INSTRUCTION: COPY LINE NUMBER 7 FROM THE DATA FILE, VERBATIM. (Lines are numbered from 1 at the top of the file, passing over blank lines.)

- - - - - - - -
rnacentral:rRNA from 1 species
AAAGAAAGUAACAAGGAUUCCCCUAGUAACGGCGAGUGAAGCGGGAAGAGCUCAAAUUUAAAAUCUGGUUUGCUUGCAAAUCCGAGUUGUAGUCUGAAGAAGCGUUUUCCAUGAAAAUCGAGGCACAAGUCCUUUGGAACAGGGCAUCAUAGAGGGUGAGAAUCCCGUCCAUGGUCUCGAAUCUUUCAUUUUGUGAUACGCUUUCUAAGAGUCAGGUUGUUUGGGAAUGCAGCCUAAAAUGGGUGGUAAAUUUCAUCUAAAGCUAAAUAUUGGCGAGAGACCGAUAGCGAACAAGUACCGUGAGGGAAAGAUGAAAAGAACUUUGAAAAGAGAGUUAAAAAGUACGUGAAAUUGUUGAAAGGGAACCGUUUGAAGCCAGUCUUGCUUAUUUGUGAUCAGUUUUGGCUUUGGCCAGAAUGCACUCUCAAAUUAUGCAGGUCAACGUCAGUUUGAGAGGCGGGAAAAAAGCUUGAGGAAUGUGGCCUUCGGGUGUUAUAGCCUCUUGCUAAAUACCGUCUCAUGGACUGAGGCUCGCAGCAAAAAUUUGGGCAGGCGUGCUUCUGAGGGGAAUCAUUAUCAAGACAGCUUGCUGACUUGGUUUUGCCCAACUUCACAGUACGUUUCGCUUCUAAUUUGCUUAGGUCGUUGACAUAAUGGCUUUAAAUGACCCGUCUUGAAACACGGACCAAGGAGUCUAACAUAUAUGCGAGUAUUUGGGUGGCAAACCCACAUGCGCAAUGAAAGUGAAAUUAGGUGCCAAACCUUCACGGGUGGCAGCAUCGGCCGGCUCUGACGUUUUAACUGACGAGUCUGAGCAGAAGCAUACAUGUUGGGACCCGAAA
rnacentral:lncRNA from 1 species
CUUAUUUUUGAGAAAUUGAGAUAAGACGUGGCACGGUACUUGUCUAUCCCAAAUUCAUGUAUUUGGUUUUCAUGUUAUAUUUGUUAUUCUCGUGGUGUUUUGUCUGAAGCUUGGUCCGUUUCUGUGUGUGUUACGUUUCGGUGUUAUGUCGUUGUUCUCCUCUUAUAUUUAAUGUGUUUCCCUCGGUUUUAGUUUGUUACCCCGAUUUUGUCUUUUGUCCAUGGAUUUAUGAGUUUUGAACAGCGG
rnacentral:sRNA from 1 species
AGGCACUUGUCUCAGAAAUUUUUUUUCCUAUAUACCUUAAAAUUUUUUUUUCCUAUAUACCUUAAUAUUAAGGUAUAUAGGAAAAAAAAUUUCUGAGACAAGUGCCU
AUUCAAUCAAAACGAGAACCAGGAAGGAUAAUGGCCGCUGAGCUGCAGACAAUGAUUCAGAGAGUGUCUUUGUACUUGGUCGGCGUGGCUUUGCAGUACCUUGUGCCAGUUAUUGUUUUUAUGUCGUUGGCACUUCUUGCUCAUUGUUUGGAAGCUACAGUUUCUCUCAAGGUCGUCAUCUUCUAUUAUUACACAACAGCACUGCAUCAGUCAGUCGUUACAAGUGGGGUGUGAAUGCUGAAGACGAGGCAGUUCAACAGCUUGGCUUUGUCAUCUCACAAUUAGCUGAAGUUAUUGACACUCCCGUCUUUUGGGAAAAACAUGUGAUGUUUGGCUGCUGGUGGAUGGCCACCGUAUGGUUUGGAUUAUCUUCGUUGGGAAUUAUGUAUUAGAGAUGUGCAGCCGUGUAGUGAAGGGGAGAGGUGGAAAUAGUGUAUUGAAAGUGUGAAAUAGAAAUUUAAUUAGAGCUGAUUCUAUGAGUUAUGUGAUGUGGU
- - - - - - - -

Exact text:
AUUCAAUCAAAACGAGAACCAGGAAGGAUAAUGGCCGCUGAGCUGCAGACAAUGAUUCAGAGAGUGUCUUUGUACUUGGUCGGCGUGGCUUUGCAGUACCUUGUGCCAGUUAUUGUUUUUAUGUCGUUGGCACUUCUUGCUCAUUGUUUGGAAGCUACAGUUUCUCUCAAGGUCGUCAUCUUCUAUUAUUACACAACAGCACUGCAUCAGUCAGUCGUUACAAGUGGGGUGUGAAUGCUGAAGACGAGGCAGUUCAACAGCUUGGCUUUGUCAUCUCACAAUUAGCUGAAGUUAUUGACACUCCCGUCUUUUGGGAAAAACAUGUGAUGUUUGGCUGCUGGUGGAUGGCCACCGUAUGGUUUGGAUUAUCUUCGUUGGGAAUUAUGUAUUAGAGAUGUGCAGCCGUGUAGUGAAGGGGAGAGGUGGAAAUAGUGUAUUGAAAGUGUGAAAUAGAAAUUUAAUUAGAGCUGAUUCUAUGAGUUAUGUGAUGUGGU